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Data Privacy Lab

From Wikipedia, the free encyclopedia

Data Privacy Lab is a program dedicated to teaching and research in areas related to privacy technology. The Data Privacy Lab in Harvard University is operating in the Institute for Quantitative Social Science (IQSS). Latanya Sweeney founded the Lab and continues as its Director.[1] The program was first started in 2001 at Carnegie Mellon University in the Heinz College, replacing the Center for Basic Research in the Social Science. In 2002 it moved to the School of Computer Science, where it operated until 2011 before moving to Harvard. The University of North Carolina at Charlotte is also running a Data Privacy Lab program and it is functioning in the College of Computing and Informatics.[2]

Some of the projects currently underway in the Data Privacy Lab at Harvard School are related to re-identification, discrimination in online ads, privacy-enhanced linking, fingerprint capture, genomic privacy and complex-care patients.[3][4] The Data Privacy Lab at The University of North Carolina at Charlotte conducts research in various areas like privacy preserving data mining, privacy issues in social networks, privacy aware database generation for software testing and privacy and anonymity in data integration and dissemination.[2]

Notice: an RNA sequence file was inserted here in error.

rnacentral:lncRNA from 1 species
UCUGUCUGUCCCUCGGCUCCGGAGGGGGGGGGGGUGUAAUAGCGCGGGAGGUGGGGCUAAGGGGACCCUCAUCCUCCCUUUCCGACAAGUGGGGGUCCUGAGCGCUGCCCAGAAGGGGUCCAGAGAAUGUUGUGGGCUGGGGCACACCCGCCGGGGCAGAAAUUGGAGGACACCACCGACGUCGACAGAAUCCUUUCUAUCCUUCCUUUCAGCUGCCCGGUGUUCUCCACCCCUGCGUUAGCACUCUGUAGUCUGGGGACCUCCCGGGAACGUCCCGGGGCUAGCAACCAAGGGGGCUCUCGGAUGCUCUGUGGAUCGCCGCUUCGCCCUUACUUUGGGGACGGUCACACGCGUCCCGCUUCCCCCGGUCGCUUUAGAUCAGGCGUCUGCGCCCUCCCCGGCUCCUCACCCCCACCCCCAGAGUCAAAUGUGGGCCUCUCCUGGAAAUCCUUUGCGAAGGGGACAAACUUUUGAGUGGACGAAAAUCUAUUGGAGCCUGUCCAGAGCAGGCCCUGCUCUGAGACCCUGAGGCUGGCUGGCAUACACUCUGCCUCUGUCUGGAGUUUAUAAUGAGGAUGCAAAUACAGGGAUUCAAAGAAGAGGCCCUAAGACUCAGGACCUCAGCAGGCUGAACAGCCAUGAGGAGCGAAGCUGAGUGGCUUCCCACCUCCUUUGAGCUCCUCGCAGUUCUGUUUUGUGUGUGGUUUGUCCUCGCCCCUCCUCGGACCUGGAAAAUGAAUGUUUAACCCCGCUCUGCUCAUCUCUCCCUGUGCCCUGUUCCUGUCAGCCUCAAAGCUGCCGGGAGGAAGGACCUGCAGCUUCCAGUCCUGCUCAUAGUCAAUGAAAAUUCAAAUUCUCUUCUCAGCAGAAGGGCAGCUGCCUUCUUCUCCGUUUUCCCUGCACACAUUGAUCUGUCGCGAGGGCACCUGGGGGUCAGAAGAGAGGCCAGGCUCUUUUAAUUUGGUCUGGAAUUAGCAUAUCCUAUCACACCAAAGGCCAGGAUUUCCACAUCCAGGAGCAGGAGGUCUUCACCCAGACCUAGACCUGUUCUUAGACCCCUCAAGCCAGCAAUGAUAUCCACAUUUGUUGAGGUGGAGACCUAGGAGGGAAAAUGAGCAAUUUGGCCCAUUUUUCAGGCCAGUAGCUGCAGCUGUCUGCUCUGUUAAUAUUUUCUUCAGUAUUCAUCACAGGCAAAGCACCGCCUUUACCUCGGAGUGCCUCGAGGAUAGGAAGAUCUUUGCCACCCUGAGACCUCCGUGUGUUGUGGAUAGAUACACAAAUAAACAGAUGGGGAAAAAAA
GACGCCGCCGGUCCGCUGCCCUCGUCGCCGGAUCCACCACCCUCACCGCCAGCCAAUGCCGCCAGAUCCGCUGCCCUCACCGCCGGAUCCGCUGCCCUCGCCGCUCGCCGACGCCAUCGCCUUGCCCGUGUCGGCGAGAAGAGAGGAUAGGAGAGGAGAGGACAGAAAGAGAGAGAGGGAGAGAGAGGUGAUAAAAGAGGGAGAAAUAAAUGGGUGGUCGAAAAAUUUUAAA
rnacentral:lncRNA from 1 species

1. ^ "About Data Privacy Lab". Harvard University. Retrieved 19 January 2014.
  2. ^ a b "Data Privacy Lab". The University of North Carolina at Charlotte. Archived from the original on 1 February 2014. Retrieved 19 January 2014.
  3. ^ "Research Projects". Data Privacy Lab. Retrieved 19 January 2014.
  4. ^ "Harvard's Data Privacy Lab Launching HRB". Patient Privacy Rights. Archived from the original on 2014-02-01. Retrieved 19 January 2014.